All Is Well | Act 1.1

Rousillon. The COUNT’s palace.

[Enter BERTRAM, the COUNTESS of Rousillon,
HELENA, and LAFEU, all in black]

In delivering my son from me,
I bury a second husband.

BERTRAM    And I in going, madam,
weep o’er my father’s

death anew: but I must attend his
majesty’s command, to
whom I am
now in ward, evermore in subjection.

LAFEU    You shall find of the king a husband,
madam; you, sir, a father.

COUNTESS    What hope is there
of his majesty’s amendment?

LAFEU    He hath abandoned his physicians, madam;
under whose practises he hath persecuted time with hope,
and finds no other advantage in the process but only the
losing of hope by time.

COUNTESS    This young gentlewoman had a father,
–O, that ‘had’
! how sad a passage ’tis!–whose skill was
almost as great as his honesty; had it stretched so
far, would have made nature immortal, and death
should have play for lack of work. Would, for the
king’s sake, he were living! I think it would be
the death of the king’s disease.

LAFEU    How called you the man you speak of, madam?

COUNTESS    He was famous, sir, in his profession, and
it was his great right to be so: Gerard de Narbon.

LAFEU    He was excellent indeed, madam: the king very
lately spoke of him admiringly and mourningly: he
was skilful enough to have lived still, if knowledge
could be set up against mortality.

BERTRAM    What is it, my good lord, the king languishes of?

LAFEU    A fistula, my lord.

BERTRAM    I heard not of it before.

LAFEU    I would it were not notorious.
Was this gentlewoman
the daughter of Gerard de Narbon?

COUNTESS    His sole child, my lord, and bequeathed to my
overlooking. I have those hopes of her good that her
education promises; her dispositions she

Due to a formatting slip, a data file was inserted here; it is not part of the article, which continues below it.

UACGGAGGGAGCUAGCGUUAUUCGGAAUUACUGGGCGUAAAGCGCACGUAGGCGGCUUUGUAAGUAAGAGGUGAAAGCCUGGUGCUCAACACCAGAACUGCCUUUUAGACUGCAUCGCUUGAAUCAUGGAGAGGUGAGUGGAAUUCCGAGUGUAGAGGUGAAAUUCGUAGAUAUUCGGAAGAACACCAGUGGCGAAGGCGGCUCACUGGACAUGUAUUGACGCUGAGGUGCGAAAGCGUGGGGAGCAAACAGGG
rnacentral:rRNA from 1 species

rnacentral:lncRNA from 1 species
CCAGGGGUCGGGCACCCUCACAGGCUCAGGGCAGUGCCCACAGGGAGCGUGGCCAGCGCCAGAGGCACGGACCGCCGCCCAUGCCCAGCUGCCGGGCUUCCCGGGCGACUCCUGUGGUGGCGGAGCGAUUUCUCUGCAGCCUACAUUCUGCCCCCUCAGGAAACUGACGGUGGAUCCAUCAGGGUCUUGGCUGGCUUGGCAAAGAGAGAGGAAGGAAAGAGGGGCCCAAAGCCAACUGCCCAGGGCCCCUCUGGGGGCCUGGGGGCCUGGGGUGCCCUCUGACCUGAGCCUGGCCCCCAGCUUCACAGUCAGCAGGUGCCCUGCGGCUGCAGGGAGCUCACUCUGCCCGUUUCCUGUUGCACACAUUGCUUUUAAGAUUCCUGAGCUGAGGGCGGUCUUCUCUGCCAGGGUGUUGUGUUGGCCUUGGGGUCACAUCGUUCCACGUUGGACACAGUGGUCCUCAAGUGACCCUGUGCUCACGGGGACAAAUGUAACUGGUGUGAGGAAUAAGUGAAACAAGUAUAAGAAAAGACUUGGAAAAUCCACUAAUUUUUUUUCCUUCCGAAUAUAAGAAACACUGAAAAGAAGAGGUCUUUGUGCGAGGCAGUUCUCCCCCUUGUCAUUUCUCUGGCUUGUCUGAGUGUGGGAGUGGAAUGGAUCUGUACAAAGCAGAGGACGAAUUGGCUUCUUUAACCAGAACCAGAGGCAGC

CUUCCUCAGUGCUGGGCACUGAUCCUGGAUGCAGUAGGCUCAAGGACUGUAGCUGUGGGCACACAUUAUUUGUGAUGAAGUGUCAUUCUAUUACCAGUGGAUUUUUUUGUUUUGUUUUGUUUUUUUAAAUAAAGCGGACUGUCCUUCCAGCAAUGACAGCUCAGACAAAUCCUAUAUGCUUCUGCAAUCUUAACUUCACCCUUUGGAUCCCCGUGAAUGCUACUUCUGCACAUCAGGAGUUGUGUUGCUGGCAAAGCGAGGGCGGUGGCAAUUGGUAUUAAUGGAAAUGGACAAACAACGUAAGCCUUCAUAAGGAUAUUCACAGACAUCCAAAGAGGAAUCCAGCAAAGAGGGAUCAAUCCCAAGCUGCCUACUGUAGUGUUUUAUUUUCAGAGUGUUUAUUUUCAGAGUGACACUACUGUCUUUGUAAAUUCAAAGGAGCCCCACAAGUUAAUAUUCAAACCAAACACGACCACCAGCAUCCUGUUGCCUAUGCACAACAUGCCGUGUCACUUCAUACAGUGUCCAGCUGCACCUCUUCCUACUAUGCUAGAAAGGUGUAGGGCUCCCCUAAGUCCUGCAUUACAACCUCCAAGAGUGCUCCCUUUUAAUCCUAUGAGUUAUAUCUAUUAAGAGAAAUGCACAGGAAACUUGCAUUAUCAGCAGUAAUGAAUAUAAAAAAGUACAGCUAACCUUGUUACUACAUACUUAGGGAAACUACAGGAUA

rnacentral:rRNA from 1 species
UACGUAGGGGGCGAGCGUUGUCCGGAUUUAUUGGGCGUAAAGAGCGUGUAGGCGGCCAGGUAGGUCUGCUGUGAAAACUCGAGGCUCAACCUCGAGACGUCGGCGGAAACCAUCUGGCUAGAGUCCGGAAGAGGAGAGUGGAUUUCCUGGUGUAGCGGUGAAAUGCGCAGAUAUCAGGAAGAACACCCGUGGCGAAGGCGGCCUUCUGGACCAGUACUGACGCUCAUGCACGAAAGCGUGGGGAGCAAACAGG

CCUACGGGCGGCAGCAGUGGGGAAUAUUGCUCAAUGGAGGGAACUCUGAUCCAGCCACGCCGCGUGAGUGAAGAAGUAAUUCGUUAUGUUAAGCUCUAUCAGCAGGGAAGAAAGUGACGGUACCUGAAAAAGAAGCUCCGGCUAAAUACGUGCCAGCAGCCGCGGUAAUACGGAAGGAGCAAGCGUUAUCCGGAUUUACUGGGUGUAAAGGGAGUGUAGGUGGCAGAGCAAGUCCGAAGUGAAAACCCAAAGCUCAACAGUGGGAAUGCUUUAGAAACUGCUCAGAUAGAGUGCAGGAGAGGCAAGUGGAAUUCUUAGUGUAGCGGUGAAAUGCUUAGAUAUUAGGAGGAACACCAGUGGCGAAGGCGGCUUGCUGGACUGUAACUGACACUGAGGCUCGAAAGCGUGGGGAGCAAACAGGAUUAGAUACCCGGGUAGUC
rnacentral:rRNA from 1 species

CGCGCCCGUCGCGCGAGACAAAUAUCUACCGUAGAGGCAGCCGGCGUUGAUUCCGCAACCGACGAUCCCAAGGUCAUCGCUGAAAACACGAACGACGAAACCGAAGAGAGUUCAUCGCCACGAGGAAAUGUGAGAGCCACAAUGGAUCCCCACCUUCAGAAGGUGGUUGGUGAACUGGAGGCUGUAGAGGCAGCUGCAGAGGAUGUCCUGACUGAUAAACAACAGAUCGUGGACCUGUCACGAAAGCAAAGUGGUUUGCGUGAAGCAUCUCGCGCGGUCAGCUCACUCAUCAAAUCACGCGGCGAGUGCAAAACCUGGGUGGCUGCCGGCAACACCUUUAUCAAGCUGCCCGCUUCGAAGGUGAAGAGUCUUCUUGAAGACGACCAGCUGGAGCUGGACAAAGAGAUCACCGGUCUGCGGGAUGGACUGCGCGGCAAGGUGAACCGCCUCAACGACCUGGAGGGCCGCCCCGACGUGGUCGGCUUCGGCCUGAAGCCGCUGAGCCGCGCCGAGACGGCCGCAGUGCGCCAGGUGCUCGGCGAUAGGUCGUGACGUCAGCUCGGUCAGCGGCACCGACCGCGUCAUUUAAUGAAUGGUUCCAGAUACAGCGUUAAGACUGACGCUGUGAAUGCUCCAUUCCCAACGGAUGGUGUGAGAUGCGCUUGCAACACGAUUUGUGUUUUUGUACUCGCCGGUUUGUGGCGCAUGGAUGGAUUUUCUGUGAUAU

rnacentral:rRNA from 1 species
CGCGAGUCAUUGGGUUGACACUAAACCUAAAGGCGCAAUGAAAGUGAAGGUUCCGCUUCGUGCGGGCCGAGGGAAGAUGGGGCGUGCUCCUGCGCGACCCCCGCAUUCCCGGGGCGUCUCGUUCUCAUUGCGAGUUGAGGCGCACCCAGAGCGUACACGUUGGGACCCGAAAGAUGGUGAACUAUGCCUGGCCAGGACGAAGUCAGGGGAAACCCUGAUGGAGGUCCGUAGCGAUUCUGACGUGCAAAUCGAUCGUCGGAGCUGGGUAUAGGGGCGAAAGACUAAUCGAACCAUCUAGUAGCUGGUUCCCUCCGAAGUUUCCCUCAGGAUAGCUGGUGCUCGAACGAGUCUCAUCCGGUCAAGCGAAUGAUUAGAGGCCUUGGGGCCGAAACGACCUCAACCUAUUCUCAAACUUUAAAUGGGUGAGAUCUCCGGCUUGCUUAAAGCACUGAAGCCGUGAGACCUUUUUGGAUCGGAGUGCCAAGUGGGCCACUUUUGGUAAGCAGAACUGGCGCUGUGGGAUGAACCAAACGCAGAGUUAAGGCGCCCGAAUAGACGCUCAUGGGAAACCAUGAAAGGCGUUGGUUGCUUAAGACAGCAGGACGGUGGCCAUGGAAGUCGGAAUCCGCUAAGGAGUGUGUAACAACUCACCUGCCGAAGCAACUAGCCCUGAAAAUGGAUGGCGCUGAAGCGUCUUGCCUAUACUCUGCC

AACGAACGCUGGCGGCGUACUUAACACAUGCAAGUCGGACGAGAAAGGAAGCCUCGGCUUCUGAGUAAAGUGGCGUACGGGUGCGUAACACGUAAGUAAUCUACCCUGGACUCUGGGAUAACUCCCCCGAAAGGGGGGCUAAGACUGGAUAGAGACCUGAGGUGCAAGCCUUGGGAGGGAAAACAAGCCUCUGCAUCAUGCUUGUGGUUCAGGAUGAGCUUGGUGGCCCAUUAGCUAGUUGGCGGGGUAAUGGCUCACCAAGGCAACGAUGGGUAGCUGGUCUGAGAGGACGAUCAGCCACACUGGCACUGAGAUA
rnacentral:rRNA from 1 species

inherits, in her
they are the better for their
simpleness; she derives her
honesty and achieves her goodness.

LAFEU    Your commendations, madam, get from her tears.

COUNTESS    ‘Tis the best brine a maiden can season her praise
in. The remembrance of her father never approaches her heart
but the tyranny of her sorrows takes all
livelihood from her cheek.
No more of this, Helena;
go to, no more; lest it be rather thought
you affect
a sorrow than have it.

HELENA    I do affect a sorrow indeed, but I have it too.

LAFEU    How understand we that?
Moderate lamentation is the right of the dead,
excessive grief the enemy to the living.

COUNTESS    If the living be enemy to the grief,
the excess makes it soon mortal.

BERTRAM    Madam, I desire your holy wishes.

COUNTESS    Be thou blest, Bertram, and succeed thy father
In manners, as in shape! thy blood and virtue
Contend for empire in thee, and thy goodness
Share with thy birthright! Love all, trust a few,
Do wrong to none: be able for thine enemy
Rather in power than use, and keep thy friend
Under thy own life’s key: be cheque’d for silence,
But never tax’d for speech. What heaven more will,
That thee may furnish and my prayers pluck down,
Fall on thy head! Farewell, my lord;
‘Tis an unseason’d courtier; good my lord,
Advise him.

LAFEU    He cannot want the best
That shall attend his love.

COUNTESS    Heaven bless him! Farewell, Bertram.


BERTRAM [To HELENA] The best wishes that can be forged in
your thoughts be servants to you! Be comfortable
to my mother, your mistress, and make much of her.

LAFEU    Farewell, pretty lady: you must hold the
credit of
your father.

[Exeunt BERTRAM and LAFEU]

HELENA    O, were that all! I think not on my father;
And these great tears grace his remembrance more
Than those I shed for him. What was he like?
I have forgot him: my imagination
Carries no favour in’t but Bertram’s.
I am undone: there is no living, none,
If Bertram be away. ‘Twere all one
That I should love a bright particular star
And think to wed it, he is so above me:
In his bright radiance and collateral light
Must I be comforted, not in his sphere.
The ambition in my love thus plagues itself:
The hind that would be mated by the lion
Must die for love. ‘Twas pretty, though plague,
To see him every hour; to sit and draw
His arched brows, his hawking eye, his curls,
In our heart’s table; heart too capable
Of every line and trick of his sweet favour:
But now he’s gone, and my idolatrous fancy
Must sanctify his reliques. Who comes here?



 One that goes with him: I love him for his sake;
And yet I know him a notorious liar,
Think him a great way fool, solely a coward;
Yet these fixed evils sit so fit in him,
That they take place, when virtue’s steely bones